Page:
32. 32. Muscle-Flexing Strategy: Strategic Options Be quick to meet price cuts of rivals Counter with large-scale promotional campaigns if rivals boost advertising Offer better deals to rivals’ major customers Dissuade distributors from carrying rivals’ products Provide salespersons with documentation about weaknesses of competing products Make attractive offers to key executives of rivals Use arm-twisting tactics to pressure present customers not to use rivals’ products 8-32
  33. 33. Muscle-Flexing Strategy Risks Running afoul of antitrust laws Alienating customers with bullying tactics Arousing adverse public opinion 8-33
  34. 34. Types of Runner-up Firms Market challengers  Use offensive strategies to gain market share Focusers I’m trying!  Concentrate on serving a limited portion of market Perennial runners-up  Lack competitive strength to do more than continue in trailing position 8-34
  35. 35. Obstacles Runner-Up Firms Must Overcome When big size is a competitive asset, firms with small market share face obstacles in trying to strengthen their positions  Less access to economies of scale  Difficulty in gaining customer recognition  Inability to afford mass media advertising  Difficulty in funding capital requirements 8-35
  36. 36. Strategic Options for Runner-Up Firms Whenbig size provides larger rivals with a cost advantage, runner-up firms have two options  Build market share  Lower costs and prices to grow sales or  Out-differentiate rivals in ways to grow sales  Withdraw from market 8-36
  37. 37. Offensive Strategies for Runner-Up Firms: Building Market Share Acquire smaller rivals to expand company’s market reach and presence Find innovative ways to drive down costs to win customers from higher-priced rivals Craft an attractive differentiation strategy Pioneer a leapfrog technological breakthrough Be first-to-market with new or better products and build reputation for product leadership Outmaneuver slow-to-change market leaders in adapting to evolving market conditions and customer needs Forge strategic alliances with key distributors, dealers, or marketers of complementary products 8-37
  38. 38. Strategic Approaches for Runner-Up Firms1. Vacant niche strategy2. Specialist strategy3. Superior product strategy4. Distinctive image strategy5. Content follower strategy 8-38
  39. 39. Vacant Niche Strategy for Runner-Up Firms Focus strategy concentrated on end-use applications market leaders have neglected Characteristics of an ideal vacant niche  Sufficient size to be profitable  Growth potential  Well-suited to a firm’s capabilities  Hard for leaders to serve 8-39
  40. 40. Specialist Strategy for Runner-Up Firms Strategy concentrated on being a leader based on  Specific technology  Product uniqueness  Expertise in  Special-purpose products  Specialized know-how  Delivering distinctive customer services 8-40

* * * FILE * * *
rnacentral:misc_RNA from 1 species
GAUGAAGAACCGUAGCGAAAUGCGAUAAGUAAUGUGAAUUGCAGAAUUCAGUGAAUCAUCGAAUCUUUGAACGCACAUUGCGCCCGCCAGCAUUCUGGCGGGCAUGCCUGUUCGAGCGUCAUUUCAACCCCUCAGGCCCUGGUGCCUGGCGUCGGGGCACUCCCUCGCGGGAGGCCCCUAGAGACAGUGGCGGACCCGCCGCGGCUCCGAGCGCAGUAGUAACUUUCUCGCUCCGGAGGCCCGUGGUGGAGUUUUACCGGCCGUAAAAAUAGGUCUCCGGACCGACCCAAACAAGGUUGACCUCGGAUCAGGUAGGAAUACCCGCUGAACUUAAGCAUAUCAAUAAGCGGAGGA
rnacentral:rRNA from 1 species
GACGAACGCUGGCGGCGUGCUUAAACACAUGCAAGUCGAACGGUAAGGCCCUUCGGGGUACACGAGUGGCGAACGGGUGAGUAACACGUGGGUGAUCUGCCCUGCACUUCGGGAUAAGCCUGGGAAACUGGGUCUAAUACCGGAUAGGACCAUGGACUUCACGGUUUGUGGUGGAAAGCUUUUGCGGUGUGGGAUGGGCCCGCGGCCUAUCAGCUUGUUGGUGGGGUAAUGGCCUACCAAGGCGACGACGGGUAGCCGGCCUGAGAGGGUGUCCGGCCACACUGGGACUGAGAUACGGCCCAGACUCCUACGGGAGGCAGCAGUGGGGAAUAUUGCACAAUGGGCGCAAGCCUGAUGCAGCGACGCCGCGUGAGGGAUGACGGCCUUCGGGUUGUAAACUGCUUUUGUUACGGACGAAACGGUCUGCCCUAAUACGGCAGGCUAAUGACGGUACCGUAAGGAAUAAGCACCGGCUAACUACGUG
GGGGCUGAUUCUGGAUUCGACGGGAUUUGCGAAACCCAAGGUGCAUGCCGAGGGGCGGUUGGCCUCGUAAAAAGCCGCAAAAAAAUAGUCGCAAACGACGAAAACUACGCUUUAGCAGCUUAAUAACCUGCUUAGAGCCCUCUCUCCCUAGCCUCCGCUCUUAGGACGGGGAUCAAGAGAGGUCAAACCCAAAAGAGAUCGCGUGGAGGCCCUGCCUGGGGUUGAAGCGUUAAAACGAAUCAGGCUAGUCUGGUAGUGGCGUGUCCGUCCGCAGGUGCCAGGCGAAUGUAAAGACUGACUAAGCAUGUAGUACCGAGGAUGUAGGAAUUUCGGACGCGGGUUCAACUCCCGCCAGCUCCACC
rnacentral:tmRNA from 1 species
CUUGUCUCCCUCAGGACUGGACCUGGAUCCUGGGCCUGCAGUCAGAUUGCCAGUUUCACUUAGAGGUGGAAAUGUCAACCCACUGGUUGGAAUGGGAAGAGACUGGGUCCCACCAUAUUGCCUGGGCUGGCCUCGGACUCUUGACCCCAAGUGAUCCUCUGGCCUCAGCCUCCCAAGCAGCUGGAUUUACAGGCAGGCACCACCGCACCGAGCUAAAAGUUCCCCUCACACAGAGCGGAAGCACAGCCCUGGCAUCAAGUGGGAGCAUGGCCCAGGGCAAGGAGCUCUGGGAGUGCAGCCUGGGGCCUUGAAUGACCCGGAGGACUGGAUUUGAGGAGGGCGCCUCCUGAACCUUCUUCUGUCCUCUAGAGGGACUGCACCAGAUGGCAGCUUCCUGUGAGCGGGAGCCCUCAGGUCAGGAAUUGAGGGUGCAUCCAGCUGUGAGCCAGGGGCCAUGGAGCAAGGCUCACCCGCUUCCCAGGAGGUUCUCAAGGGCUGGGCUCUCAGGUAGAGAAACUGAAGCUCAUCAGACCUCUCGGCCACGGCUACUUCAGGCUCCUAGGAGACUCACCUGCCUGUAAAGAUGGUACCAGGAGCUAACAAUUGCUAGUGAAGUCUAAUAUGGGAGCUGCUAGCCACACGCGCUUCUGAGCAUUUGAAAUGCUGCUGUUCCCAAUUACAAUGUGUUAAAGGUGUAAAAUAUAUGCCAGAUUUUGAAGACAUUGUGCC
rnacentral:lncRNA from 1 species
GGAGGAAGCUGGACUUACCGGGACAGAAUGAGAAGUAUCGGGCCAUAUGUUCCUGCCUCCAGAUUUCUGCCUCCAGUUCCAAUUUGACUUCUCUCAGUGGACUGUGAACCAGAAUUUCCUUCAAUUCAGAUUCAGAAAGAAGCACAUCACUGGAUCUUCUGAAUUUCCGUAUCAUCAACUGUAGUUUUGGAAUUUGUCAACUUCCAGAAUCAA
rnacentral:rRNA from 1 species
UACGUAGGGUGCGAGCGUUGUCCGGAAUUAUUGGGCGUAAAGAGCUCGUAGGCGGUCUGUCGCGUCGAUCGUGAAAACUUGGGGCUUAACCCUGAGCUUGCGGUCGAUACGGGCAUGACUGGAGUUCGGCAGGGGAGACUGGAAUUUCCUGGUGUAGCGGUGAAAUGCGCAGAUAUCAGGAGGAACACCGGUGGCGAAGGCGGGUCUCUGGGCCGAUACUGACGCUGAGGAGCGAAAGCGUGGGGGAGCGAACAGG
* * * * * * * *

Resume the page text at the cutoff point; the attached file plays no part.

41. 41. Superior Product Strategy for Runner-Up Firms Differentiation-based focused strategy based on  Superior product quality or  Unique product attributes Approaches  Fine craftsmanship  Prestige quality  Frequent product innovations  Close contact with customers to gain input for better quality product 8-41
  42. 42. Distinctive Image Strategy for Runner-Up Firms Strategy concentrated on ways to stand out from rivals Approaches  Reputation for charging lowest price  Prestige quality at a good price  Superior customer service  Unique product attributes  New product introductions  Unusually creative advertising 8-42
  43. 43. Content Follower Strategy for Runner-Up Firms Strategy involves avoiding  Trend-setting moves and  Aggressive moves to steal customers from leaders Approaches  Do not provoke competitive retaliation  React and respond  Defense rather than offense  Keep same price as leaders  Attempt to maintain market position 8-43
  44. 44. Weak Businesses: Strategic Options Launch an offensive turnaround strategy (if resources permit) Employ a fortify-and-defend strategy (to the extent resources permit) Pursue a fast-exit strategy Adopt a harvest strategy (a slow-exit type of end-game strategy) 8-44
  45. 45. Achieving a Turnaround: The Strategic Options Sell off assets to generate cash and/or reduce debt Revise existing strategy Launch efforts to boost revenues Cut costs Combination of efforts 8-45
  46. 46. What Is a Harvest Strategy? Steers middle course between status quo and exiting quickly Involves gradually sacrificing market position in return for bigger near-term cash flow/profit Objectives  Short-term - Generate largest feasible cash flow  Long-term - Exit market 8-46
  47. 47. Types of Harvest Options Reduce operating expenses to rock-bottom Hold reinvestment to minimum Place little priority on new capital investments Emphasize stringent internal cost controls Trim advertising and promotion expenses Do not replace employees who leave Shave equipment maintenance 8-47
  48. 48. When Should a Harvest Strategy Be Considered? Industry’s long-term prospects are unattractive Building up business would be too costly Market share is increasingly costly to maintain Reduced levels of competitive effort will not trigger immediate fall-off in sales Firm can re-deploy freed-up resources in higher opportunity areas Business is not a major component of diversified firm’s portfolio of businesses 8-48